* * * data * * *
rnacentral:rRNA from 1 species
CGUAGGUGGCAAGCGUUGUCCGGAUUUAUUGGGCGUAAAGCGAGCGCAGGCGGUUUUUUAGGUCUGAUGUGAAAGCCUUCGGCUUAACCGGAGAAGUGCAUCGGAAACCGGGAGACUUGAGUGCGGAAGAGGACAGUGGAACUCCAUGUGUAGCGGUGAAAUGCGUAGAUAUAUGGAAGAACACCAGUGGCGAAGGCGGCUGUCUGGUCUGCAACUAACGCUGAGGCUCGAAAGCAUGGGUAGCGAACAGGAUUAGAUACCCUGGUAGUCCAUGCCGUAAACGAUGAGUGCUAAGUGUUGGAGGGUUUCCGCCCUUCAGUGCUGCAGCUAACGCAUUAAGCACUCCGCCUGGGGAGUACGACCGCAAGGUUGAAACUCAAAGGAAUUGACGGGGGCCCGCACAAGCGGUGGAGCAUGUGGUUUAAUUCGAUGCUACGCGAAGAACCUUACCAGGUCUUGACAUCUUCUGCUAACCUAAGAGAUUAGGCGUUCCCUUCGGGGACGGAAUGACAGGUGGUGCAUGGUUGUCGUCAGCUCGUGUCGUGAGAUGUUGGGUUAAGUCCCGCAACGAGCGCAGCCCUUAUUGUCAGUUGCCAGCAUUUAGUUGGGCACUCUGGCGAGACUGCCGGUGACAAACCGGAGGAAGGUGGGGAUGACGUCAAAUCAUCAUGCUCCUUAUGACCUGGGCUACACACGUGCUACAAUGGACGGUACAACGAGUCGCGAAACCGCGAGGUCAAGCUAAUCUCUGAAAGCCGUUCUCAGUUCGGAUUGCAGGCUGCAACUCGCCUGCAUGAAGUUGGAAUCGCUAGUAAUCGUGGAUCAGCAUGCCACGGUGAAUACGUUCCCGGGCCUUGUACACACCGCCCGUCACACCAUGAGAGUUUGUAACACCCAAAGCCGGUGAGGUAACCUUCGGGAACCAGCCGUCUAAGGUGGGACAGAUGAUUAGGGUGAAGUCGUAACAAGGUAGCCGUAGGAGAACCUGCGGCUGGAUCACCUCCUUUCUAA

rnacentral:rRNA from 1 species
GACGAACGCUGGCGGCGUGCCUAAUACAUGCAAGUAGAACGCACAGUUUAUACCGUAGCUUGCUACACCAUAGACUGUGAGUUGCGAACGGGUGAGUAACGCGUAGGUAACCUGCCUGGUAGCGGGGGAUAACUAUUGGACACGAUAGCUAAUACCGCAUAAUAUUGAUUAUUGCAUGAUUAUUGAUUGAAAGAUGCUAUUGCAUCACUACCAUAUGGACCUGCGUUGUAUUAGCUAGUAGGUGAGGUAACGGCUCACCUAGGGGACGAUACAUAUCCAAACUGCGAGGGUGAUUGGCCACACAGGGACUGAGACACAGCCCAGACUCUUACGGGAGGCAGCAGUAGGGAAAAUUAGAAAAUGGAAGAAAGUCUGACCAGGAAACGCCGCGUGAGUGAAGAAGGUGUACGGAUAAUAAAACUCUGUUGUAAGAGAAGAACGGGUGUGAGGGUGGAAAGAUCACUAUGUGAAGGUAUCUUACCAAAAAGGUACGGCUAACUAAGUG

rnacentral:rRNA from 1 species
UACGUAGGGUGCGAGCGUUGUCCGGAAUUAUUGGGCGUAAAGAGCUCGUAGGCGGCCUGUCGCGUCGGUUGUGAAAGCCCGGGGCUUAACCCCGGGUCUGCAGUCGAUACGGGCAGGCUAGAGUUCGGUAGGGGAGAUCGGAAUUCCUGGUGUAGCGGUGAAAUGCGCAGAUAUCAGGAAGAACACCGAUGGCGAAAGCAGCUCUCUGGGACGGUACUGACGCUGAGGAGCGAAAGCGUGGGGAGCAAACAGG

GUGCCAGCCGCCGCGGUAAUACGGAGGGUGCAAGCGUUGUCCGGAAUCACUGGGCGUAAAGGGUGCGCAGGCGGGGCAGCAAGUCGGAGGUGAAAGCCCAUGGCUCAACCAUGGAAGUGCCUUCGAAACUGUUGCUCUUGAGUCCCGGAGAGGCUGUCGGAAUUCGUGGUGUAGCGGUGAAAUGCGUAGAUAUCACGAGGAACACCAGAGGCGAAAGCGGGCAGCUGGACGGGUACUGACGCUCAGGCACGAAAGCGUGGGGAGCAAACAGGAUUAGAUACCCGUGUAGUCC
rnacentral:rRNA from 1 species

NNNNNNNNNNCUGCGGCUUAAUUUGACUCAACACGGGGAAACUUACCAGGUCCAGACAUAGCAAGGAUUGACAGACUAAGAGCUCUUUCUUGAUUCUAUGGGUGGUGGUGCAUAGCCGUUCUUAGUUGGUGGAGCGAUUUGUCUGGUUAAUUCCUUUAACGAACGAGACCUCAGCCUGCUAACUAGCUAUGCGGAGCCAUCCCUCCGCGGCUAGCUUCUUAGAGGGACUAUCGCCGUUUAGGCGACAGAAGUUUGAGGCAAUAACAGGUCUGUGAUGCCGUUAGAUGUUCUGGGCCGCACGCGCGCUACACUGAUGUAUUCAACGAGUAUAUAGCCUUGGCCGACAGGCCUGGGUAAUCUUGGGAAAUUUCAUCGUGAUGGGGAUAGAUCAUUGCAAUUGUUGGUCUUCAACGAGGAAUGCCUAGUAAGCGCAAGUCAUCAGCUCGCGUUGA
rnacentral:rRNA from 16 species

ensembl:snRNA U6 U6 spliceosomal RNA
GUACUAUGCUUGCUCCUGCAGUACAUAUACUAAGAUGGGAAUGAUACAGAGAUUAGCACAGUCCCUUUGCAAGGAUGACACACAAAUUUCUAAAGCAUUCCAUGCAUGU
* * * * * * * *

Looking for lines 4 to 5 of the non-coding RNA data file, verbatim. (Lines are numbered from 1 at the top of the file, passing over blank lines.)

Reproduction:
GACGAACGCUGGCGGCGUGCCUAAUACAUGCAAGUAGAACGCACAGUUUAUACCGUAGCUUGCUACACCAUAGACUGUGAGUUGCGAACGGGUGAGUAACGCGUAGGUAACCUGCCUGGUAGCGGGGGAUAACUAUUGGACACGAUAGCUAAUACCGCAUAAUAUUGAUUAUUGCAUGAUUAUUGAUUGAAAGAUGCUAUUGCAUCACUACCAUAUGGACCUGCGUUGUAUUAGCUAGUAGGUGAGGUAACGGCUCACCUAGGGGACGAUACAUAUCCAAACUGCGAGGGUGAUUGGCCACACAGGGACUGAGACACAGCCCAGACUCUUACGGGAGGCAGCAGUAGGGAAAAUUAGAAAAUGGAAGAAAGUCUGACCAGGAAACGCCGCGUGAGUGAAGAAGGUGUACGGAUAAUAAAACUCUGUUGUAAGAGAAGAACGGGUGUGAGGGUGGAAAGAUCACUAUGUGAAGGUAUCUUACCAAAAAGGUACGGCUAACUAAGUG

rnacentral:rRNA from 1 species